I try to show how events since the end of the Cold War have seen a challenge to ideas of territorial sovereignty—basically the idea that within its boundaries, a state is sovereign. This was initially for reasons of humanitarian intervention over the treatment of civilian populations. Examples would include Kurdistan following the 1991 Gulf War, protections ineffectively discussed in Rwanda and Bosnia, and then this being used as rationale for the war in Kosovo. I argue that a very similar logic can be found in the neo-conservative argument about ‘contingent sovereignty’, that sovereignty was a responsibility dependent on certain codes of behavior, now including harboring of terrorists and pursuit of weapons of mass destruction. Yet at the same time, the preservation of existing territorial settlements was insisted upon—the idea that Iraq could be allowed to fragment along ethnic or religious lines was strongly resisted; similarly the issues around Afghanistan and Pakistan’s border regions; the breakaway parts of Somalia, and so on. In international law the idea of ‘territorial integrity’, which is enshrined in the UN charter and insisted upon in almost all Security Council resolutions, supposedly combined both of these things: that borders were fixed, and that within them a state was sovereign. So I tried to show how these senses were being split apart today, and often in the very same places. What was interesting was not the simple violation of territorial sovereignty, but the explicit argument against it, often at the very same time that territorial preservation was being insisted upon. I think the ‘war on terror’ has made this more apparent, but the earlier interventions showed this too, and events in Gaza and Georgia since the book was written have demonstrated similar things. There are other arguments in the book of course, about territorial control in so-called ‘weak’ or ‘failed’ states; how territorial or geographical issues feature in the writings and speeches of the neo-conservatives and bin Laden; to challenge ideas that al-Qaeda operates as a ‘deterritorialised’ network by examining the spatial ideas of the base, the camp and the caliphate, etc. More broadly I try to show that ‘territory’ is much more complicated as a concept than is generally acknowledged. My ongoing work tries to provide a historical account of the emergence of the idea of territory in Western political thought.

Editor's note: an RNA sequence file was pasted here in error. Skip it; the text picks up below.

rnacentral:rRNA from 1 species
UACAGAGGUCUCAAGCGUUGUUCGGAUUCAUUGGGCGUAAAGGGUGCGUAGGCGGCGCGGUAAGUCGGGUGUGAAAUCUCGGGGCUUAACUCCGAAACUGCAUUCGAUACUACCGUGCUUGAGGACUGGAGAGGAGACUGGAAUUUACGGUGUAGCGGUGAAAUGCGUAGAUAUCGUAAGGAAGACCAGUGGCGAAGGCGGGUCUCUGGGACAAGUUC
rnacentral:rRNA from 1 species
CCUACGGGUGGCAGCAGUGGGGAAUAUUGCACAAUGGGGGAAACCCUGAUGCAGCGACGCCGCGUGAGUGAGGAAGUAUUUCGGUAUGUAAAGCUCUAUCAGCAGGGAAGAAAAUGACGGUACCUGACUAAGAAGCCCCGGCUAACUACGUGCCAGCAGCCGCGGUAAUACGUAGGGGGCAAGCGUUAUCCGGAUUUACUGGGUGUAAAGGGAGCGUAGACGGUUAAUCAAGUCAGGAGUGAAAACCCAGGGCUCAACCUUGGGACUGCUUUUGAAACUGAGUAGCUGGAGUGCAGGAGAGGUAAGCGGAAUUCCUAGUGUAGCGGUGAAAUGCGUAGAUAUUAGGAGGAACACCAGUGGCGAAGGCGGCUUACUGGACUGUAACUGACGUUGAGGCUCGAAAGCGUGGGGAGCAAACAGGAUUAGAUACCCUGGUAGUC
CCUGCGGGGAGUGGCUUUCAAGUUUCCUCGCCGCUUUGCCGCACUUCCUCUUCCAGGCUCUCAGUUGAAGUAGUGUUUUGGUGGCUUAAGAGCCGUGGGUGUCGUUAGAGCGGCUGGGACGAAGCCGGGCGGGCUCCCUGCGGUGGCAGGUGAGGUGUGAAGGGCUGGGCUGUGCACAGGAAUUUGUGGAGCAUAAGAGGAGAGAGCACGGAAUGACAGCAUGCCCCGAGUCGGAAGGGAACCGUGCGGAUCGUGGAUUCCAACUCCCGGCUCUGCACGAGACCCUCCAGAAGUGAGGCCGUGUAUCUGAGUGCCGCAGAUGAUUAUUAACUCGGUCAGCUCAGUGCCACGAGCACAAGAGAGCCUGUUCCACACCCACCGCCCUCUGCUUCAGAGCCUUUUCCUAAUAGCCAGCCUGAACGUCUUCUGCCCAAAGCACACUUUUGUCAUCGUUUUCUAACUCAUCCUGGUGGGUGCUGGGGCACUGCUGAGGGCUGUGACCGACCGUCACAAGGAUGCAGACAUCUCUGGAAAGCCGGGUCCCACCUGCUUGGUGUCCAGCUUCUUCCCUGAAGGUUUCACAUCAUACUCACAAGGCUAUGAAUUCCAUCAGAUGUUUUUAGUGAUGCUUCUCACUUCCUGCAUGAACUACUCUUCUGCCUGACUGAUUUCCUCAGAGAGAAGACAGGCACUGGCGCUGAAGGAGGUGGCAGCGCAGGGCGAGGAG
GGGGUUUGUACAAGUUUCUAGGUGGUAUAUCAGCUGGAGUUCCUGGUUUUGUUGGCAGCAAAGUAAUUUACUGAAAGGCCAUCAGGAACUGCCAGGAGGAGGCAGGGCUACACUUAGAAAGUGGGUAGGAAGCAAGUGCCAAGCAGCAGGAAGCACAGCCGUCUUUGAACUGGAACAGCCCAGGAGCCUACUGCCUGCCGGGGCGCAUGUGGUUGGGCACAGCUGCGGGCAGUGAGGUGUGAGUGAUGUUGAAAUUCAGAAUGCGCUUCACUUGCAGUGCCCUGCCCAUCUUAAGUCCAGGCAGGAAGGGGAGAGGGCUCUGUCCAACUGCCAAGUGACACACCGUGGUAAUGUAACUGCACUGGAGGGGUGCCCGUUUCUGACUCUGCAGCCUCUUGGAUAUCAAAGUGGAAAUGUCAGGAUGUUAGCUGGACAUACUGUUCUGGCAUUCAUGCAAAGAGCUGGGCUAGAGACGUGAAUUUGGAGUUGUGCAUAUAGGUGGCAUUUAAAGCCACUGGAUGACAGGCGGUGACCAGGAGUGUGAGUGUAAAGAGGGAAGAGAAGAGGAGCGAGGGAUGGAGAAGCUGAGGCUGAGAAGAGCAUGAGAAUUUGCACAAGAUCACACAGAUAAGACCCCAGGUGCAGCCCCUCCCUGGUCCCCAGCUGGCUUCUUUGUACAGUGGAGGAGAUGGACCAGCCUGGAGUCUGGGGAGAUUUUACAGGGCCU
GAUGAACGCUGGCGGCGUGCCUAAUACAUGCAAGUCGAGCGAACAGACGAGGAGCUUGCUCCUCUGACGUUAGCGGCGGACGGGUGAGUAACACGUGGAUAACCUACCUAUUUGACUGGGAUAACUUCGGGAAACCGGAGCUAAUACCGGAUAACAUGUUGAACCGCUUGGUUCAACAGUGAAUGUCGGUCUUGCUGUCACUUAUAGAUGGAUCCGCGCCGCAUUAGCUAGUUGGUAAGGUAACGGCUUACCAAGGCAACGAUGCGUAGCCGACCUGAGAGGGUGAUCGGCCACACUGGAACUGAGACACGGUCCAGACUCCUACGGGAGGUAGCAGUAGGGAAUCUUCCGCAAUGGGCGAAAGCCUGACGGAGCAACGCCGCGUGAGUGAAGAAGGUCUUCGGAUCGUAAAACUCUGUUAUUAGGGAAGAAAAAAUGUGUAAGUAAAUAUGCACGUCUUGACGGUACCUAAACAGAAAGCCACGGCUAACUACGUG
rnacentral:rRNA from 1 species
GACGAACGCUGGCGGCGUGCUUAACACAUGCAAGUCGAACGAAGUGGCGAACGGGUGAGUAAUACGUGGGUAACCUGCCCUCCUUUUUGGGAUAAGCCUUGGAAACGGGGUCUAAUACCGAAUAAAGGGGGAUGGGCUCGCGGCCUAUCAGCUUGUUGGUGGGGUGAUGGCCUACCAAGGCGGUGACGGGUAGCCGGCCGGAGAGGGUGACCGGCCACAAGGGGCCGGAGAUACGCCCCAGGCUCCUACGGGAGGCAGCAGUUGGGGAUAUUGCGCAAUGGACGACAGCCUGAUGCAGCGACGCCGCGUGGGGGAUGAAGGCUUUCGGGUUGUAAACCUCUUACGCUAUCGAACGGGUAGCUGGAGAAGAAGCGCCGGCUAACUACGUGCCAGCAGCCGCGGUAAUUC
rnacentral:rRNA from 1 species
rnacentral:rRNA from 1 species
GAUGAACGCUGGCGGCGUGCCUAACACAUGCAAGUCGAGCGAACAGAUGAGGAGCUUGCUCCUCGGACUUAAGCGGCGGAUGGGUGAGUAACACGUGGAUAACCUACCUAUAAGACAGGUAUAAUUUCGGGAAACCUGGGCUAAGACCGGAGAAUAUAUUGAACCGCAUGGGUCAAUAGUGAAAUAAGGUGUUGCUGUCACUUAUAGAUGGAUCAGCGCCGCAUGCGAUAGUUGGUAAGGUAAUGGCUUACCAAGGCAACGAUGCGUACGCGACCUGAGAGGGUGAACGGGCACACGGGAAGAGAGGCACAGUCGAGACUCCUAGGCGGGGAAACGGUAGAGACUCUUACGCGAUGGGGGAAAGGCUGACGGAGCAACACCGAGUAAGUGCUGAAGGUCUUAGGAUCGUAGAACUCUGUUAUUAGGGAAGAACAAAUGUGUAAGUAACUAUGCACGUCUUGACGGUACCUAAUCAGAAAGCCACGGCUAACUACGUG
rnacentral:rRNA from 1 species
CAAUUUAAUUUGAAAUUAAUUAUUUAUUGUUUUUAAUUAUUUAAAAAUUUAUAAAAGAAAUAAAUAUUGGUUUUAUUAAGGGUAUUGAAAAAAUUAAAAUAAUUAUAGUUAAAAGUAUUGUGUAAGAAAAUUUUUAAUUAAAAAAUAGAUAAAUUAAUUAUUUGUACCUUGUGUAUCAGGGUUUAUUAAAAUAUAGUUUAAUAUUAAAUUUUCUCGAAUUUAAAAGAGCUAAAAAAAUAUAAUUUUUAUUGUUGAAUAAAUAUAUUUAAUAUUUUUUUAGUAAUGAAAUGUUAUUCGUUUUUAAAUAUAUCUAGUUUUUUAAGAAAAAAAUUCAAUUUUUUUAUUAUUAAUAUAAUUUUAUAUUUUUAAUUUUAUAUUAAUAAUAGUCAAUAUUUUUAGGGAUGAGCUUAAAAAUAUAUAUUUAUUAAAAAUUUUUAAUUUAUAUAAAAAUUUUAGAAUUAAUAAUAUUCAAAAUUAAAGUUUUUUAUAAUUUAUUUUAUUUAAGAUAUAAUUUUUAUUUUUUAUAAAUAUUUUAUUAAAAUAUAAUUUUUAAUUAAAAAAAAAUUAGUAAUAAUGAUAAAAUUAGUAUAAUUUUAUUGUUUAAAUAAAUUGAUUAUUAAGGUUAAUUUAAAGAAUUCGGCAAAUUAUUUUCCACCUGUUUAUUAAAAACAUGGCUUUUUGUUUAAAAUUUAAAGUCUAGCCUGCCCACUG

3: What is one little-known thing everyone should know about your book?
That this is only part of the work I want to do on territory. There is the historical book I just mentioned, which I have been working on for a decade and is now nearing completion, and a planned third volume on philosophy, territory, and globalization that will probably be called The Space of the World.
Stuart Elden will receive the 2009 Globe Book Award for Terror and Territory on April 18th at the Association of American Geographers conference in Washington, DC. You can find out more about the book at Elden’s author-meets-critics panel at 10 a.m. April 18th at AAG.
AAG attendees: Visit UMP in the book-exhibit hall at booth #1109! You can find our hours of operation here.
We also encourage you to visit Edward W. Soja’s author-meets-critics panel at 12:40 p.m. April 17th at AAG. Soja is author of Seeking Spatial Justice.
Not able to make it to AAG? You can still download a PDF of our Geography sale catalog here.